The revived open space has also created economic opportunities for underprivileged youth and women in the area. The park employs local people to run the composting system and help with the Sunday festivals, enabling them to earn a livelihood. Through experiential learning programmes, children, teenagers and women from the informal settlement are acquiring new skills in public speaking and group performance that boost their confidence. 

S B Somani Park’s multi-faceted impact demonstrates the wider potential of rejuvenating public spaces to uplift communities.

Scaling up through systems change

The successful transformation of the park from unused eyesore to vibrant public space did not happen overnight. It required years of relationship building, advocacy, planning and collaborative effort focused on this single, neglected parcel of land. The question remained – how could this participatory placemaking process be replicated to revive other overlooked open spaces across Mumbai?

To enable this scale up, the urban designers have distilled their learnings into a template of engagement (TOE) that provides a model framework for rejuvenating public open spaces across Mumbai's 227 electoral wards, with a special focus on coastal edges.

The TOE facilitates collaboration between key stakeholders – citizens, NGOs, urban designers, municipal officials and key representatives from the business sector – to jointly envision, design, fund and manage public space projects.

It outlines a step-by-step process to identify underutilised open space, conduct community needs assessments, co-create design solutions, leverage public and private resources, and foster local ownership of these community assets.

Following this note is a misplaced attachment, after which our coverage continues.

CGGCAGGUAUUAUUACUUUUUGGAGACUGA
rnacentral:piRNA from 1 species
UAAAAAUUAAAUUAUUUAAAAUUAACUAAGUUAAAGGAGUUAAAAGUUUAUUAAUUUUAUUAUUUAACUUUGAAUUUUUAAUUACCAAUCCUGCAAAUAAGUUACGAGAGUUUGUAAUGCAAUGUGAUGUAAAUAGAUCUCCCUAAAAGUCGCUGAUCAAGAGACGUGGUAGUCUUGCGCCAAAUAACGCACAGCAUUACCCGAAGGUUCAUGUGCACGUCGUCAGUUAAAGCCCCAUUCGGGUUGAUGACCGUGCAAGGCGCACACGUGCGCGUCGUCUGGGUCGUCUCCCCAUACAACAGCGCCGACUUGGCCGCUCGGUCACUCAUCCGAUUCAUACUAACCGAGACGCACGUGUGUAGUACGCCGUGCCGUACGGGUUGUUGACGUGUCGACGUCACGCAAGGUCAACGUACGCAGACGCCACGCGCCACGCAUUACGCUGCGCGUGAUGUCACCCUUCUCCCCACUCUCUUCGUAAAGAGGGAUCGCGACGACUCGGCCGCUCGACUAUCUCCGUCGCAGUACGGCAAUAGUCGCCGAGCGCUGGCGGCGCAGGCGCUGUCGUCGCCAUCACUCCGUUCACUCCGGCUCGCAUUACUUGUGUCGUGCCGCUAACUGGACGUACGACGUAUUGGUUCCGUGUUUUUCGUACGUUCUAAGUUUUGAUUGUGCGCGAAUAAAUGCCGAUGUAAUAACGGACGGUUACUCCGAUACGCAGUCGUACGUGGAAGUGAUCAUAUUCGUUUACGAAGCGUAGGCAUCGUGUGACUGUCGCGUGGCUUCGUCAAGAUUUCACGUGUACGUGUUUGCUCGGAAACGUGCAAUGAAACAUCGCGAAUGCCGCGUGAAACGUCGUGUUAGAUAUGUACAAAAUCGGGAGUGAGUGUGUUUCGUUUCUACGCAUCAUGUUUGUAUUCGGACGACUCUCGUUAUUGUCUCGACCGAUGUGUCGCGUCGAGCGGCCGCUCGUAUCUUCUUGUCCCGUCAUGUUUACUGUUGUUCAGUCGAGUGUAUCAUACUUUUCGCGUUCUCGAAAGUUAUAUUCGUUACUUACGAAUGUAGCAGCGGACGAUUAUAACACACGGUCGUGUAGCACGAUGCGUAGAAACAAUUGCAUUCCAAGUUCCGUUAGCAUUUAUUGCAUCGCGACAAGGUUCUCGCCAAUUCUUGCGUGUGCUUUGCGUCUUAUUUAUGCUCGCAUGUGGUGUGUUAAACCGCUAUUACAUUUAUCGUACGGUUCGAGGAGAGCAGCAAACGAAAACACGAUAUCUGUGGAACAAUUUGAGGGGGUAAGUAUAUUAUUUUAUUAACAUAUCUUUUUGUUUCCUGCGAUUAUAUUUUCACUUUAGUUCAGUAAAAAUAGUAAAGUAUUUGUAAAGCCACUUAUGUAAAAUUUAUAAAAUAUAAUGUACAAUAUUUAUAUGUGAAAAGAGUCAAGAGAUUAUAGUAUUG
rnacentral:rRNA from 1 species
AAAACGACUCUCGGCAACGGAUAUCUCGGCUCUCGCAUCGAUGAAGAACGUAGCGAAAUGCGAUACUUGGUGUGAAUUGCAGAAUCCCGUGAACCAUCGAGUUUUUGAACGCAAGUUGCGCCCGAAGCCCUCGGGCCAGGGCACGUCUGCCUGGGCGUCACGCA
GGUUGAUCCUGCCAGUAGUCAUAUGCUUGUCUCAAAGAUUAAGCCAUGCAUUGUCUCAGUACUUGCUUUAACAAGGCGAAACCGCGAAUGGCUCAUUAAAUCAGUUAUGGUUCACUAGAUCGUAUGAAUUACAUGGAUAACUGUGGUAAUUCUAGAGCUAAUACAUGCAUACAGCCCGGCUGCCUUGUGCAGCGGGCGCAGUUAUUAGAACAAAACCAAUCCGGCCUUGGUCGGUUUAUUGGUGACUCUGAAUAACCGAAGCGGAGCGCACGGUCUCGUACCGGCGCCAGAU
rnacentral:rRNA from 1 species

By developing an approach that blends top-down support with bottom-up participation, the TOE has the potential to replicate S B Somani Park’s success across the city.

Reclaiming the city’s shoreline

Mumbai is undergoing rapid development, putting pressure on already scarce open spaces. Less than 2.5% of the city area is planned open space for public use. Encroachment along the coastline has disrupted the relationship between the city and the sea.

Reclaiming and restoring public access along the seafront through the creation of inclusive open spaces is critical. It would not only provide much-needed breathing space for citizens in this densely-packed city, but also help conserve coastal ecosystems and strengthen resilience to mitigate climate change impacts. This includes cool spaces open to all during heatwaves.

Appropriating the coastline by adding everyday functional uses that benefit people, such as jogging tracks, parks and marinas, can enforce maintenance and increase respect for this threshold.

Another tool is ecological restoration of sensitive areas like the mangroves, with some public access along with educational centres. Experiential learning that explains the necessity of protecting these ‘carbon sink’ zones along the coastline can foster greater awareness and engagement among citizens.

While policy changes are critical long-term solutions, public-private partnerships provide immediate opportunities. Accepting innovative engagement models that spark grassroots participation can inform future policy evolution. Instead of top-down development, the process fosters bottom-up placemaking tailored to local context. It can rebuild connections between people and public spaces, nurturing a culture of active use. 

S B Somani Park demonstrates that an inclusive, participatory approach increases sustained community engagement over time.

About the author

Jasmine Saluja is a Mumbai-based architect and urban designer and co-founder of PLURAL – a collaborative approach to urban research and planning.

Oormi Kapadia is Mumbai-based architect and urban designer, and co-founder of PLURAL.

Jasmine Saluja's picture Oormi Kapadia's picture